So for a family that doesn’t itemize (e.g., renters) with 3 kids, fed income tax kicks in at $32850.

    With child credits, dependent care credits, pre-tax medical premiums, itemized deductions, etc., income could be well above that before tax liability goes above 0.

    I hadn’t realized incomes could be that high an not be taxed by fedgov. I was probably thinking back to the discussion of EITC vs higher standard deduction for state taxes, which locally kick in at a much lower level (e.g., std deduction $2200, exemptions $1144, so that family could have state income tax kick in at $10,120).

  104. Cordelia, I’m pretty sure that’s not true. I haven’t had to file for DD the last couple years because her income, while more than 0, was not high enough to warrant filing.

  105. As we say in the tax trade, (court cases starting in the 1930s)

    every deduction from gross income is allowed as a matter of legislative grace.

    Filing a return (when gross income exceeds certain low threshholds) and within the statutory time limits is part of the process of claiming your legal right to a deduction. More importantly, if you are entitled to a refund of taxes already withheld or refundable credit, you have an even more limited time to file.

  106. Au Pairs only file the years they make more than 4k (per instructions on the 1040 NR- non-resident). My new Au Pair – who arrived a few weeks ago — will not file taxes in April 2017. However, she will make more than 4k in 2017 and will have tax obligation and likely file in April 2018.

    I think the threshold for US citizens is higher. I do Au Pair taxes each year, however. I don’t do my own.

  107. Yesterday at a new doctor my D was asked for a photo id. She had forgotten to it, but they still treated her and asked her to bring it next time. And she had to fill out all the patient form info on an iPad.

    I never would have noticed about requiring a photo id if not for the discussion here recently.

    Off topic, older folks like me are loving the new (to me) trend of LED menus. No more squinting in the dark to select your dinner.

  108. This harks back to the electoral college discussion — https://www.washingtonpost.com/national/judge-says-electors-must-vote-for-statewide-winner/2016/12/12/739d50e2-c0d1-11e6-a52b-a0a126eaf9f7_story.html?utm_term=.891a8465adc4. I have to say, the issue intrigues me (not from the prospect of keeping Trump out of the White House, which had about a 0.2% chance even before this ruling, but from the Constitutional angle. Because, yes, I am a geek.).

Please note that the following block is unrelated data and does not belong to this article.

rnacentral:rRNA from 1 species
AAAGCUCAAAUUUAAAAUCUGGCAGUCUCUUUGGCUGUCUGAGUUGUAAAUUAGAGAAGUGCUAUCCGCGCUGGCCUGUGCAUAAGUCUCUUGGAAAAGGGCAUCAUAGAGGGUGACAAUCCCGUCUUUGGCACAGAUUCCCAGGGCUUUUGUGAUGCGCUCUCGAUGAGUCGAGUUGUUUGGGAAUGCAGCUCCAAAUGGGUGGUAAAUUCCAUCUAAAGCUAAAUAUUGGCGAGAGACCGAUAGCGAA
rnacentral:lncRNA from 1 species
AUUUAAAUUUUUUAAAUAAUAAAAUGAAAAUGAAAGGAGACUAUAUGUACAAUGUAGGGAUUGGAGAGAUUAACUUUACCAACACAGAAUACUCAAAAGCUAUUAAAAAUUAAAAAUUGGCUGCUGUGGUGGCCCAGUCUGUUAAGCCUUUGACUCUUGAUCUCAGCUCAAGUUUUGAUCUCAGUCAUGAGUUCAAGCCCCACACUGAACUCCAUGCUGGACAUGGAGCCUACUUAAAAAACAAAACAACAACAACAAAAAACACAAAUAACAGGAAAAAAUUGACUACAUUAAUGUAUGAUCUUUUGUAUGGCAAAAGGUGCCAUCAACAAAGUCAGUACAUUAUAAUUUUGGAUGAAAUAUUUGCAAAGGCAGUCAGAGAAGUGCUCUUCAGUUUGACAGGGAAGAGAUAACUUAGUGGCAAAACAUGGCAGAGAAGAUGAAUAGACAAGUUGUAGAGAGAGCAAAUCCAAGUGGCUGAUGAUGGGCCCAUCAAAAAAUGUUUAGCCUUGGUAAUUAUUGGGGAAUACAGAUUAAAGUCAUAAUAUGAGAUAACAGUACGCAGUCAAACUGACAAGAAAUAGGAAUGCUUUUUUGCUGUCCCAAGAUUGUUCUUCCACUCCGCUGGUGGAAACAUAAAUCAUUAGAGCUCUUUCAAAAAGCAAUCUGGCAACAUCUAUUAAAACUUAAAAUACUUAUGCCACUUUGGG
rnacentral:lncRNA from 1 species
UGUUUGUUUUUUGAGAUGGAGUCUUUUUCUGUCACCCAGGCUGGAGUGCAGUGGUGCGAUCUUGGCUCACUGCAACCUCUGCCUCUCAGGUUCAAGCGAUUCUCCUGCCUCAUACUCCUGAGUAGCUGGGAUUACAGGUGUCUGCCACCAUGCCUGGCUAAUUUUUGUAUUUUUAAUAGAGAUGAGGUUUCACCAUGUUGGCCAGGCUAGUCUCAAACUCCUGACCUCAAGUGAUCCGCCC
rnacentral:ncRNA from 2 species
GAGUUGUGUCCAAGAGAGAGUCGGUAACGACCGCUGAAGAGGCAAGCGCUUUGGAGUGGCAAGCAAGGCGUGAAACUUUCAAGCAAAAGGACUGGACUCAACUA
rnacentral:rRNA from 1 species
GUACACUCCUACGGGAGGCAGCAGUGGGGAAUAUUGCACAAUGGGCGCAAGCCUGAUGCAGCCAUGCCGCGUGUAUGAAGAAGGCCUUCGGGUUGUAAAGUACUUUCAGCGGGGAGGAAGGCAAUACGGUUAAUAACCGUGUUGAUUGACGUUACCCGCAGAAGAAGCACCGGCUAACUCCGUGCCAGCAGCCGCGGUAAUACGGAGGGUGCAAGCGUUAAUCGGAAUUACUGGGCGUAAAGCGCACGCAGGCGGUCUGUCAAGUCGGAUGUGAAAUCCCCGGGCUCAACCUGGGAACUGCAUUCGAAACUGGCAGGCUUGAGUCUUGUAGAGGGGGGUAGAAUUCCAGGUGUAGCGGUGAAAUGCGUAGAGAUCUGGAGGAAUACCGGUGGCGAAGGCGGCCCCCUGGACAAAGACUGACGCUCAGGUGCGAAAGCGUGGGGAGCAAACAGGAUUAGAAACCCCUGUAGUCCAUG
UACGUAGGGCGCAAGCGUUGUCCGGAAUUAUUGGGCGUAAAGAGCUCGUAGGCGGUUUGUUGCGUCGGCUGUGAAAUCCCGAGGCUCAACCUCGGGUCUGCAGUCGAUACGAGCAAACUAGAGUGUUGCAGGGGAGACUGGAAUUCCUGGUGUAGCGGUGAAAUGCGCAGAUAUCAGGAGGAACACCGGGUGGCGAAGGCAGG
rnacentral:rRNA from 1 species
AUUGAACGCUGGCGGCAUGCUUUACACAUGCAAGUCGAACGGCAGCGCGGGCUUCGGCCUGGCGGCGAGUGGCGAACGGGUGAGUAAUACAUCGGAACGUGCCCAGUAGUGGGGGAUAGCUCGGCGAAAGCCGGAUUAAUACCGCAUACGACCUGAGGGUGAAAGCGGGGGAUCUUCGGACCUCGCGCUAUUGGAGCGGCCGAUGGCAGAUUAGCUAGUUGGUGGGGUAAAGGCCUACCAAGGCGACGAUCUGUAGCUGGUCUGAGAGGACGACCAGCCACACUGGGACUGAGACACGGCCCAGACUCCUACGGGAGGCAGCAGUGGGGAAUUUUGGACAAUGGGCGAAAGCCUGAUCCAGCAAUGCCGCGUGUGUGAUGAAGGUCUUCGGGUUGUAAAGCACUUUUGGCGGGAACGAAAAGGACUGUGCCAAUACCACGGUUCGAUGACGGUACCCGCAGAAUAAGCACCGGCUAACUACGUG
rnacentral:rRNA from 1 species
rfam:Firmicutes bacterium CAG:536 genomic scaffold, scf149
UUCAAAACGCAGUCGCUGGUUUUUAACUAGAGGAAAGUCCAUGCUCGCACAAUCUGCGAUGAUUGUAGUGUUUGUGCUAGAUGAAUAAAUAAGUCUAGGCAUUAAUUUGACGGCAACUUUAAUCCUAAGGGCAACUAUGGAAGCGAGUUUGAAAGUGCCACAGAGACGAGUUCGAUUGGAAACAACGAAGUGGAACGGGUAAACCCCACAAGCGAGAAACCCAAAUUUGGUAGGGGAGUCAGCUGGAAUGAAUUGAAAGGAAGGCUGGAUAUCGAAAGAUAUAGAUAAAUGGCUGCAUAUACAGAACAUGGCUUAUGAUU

Just at first glance, it seems to me that the Constitution pretty clearly says the people elect the electors, and the electors elect the President. So how is a state law that restricts how the electors vote not unconstitutional? I guess you could say that the Constitution is ambiguous on that subject. But usually when a law is ambiguous, you go to the intent of the drafters, which in this case is pretty clear that they envisioned electors who assessed all of the information and exerted their own independent judgment. Maybe I’ll have to pull up the case and the briefs to see what the rationale was — I don’t do this for a living, so I’m sure there’s a lot of deeply-rooted Constitutional precedent that I don’t know about.

  109. Oh, PSA: please note that the threshold for paying FICA tax is much lower than the threshold for filing a 1040. Not an issue with most kids with jobs (as employers will withhold the FICA), but it is an issue for those who work for religious institutions or others who are exempt from FICA withholding — as I read the rules, just because the institution isn’t required to collect FICA doesn’t mean you are exempt from paying it.

    We are definitely going to have to file a tax return next year for DD — her normal student aide job pays little enough to be below the threshold (or at least it did last year, need to check this year), but her summer camp job will put her over for sure.

    Not that anyone really cares enough to track down non-reporting 15-yr-olds who make less than $1K/yr, but the IRS is one of the few agencies that scares the bejeebers out of me, so I don’t play that even close to the line.

  110. “I guess you could say that the Constitution is ambiguous on that subject. But usually when a law is ambiguous, you go to the intent of the drafters, which in this case is pretty clear that they envisioned electors who assessed all of the information and exerted their own independent judgment.”